If the property in question is for sale with the help of DuProprio, the seller has access to advice from our notaries.2 They can then ask questions about the offer to purchase to make sure all the information it contains is valid.
You made an offer and the seller responds with a counteroffer. This is the start of the negotiations stage. Several points are likely to be raised, including the possession date and the conditions in the offer.
If the buyer has chosen to do business with an agent, the payment of the agent’s commission may also be addressed in the negotiations.
It may happen that, for whatever reason, a buyer will want to withdraw an offer to purchase. This is difficult to do, but not impossible. It can be done under certain conditions, for instance if the inspection report reveals major defects or if a cancellation clause was added to the offer.
Once the final offer to purchase is accepted, it’s time to get a mortgage from a bank, credit union or mortgage broker. A mortgage loan is the amount granted by a financial institution for the purchase of a house. Before agreeing to give the loan, the institution will check the potential buyer’s financial background, solvency, and capacity to pay, along with the property value. It is recommended that you shop around for a loan to get the best interest rate and conditions.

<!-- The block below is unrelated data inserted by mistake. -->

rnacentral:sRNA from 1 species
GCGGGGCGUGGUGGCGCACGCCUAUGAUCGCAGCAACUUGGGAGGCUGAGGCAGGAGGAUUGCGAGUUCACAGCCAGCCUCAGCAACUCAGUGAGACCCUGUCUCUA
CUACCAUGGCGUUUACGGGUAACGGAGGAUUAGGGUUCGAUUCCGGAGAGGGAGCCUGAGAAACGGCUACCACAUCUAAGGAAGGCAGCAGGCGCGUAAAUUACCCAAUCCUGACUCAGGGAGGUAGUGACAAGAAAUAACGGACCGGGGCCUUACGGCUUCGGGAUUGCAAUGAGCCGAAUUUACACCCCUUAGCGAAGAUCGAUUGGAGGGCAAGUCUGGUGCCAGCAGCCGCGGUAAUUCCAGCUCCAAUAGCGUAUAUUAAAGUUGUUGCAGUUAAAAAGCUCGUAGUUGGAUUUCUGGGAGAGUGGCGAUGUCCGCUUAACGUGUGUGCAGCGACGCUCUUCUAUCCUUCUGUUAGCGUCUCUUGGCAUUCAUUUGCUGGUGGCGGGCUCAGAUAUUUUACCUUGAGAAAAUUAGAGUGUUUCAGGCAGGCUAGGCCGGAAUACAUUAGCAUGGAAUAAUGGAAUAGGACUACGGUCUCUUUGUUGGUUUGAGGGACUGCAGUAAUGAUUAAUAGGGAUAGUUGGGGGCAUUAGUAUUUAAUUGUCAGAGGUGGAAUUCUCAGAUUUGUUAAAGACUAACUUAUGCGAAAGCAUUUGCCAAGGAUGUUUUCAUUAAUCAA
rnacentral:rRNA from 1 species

Did you know?
The mortgage loan is guaranteed by the real estate itself: the lender could therefore seize the property if the loan is not repaid according to the agreed-upon terms.
The final step in buying a property is seeing a notary, who is usually selected by the buyer, to finalize the real estate transaction. At this meeting, the notary will pay the seller, register the home in the new owner’s name and give both parties a copy of the final bill of sale. The buyer will also have to pay some of the notary’s fees and expenses.
At this time, the notary will also give the new homeowner the keys to their new property. After that, all that remains is planning the move and turning the new house into a home.
Do you need to sell before you can buy? You can trust DuProprio’s services. Find out more about the visibility and support we offer by contacting us at 1-866-387-7677 or watching our short webinars.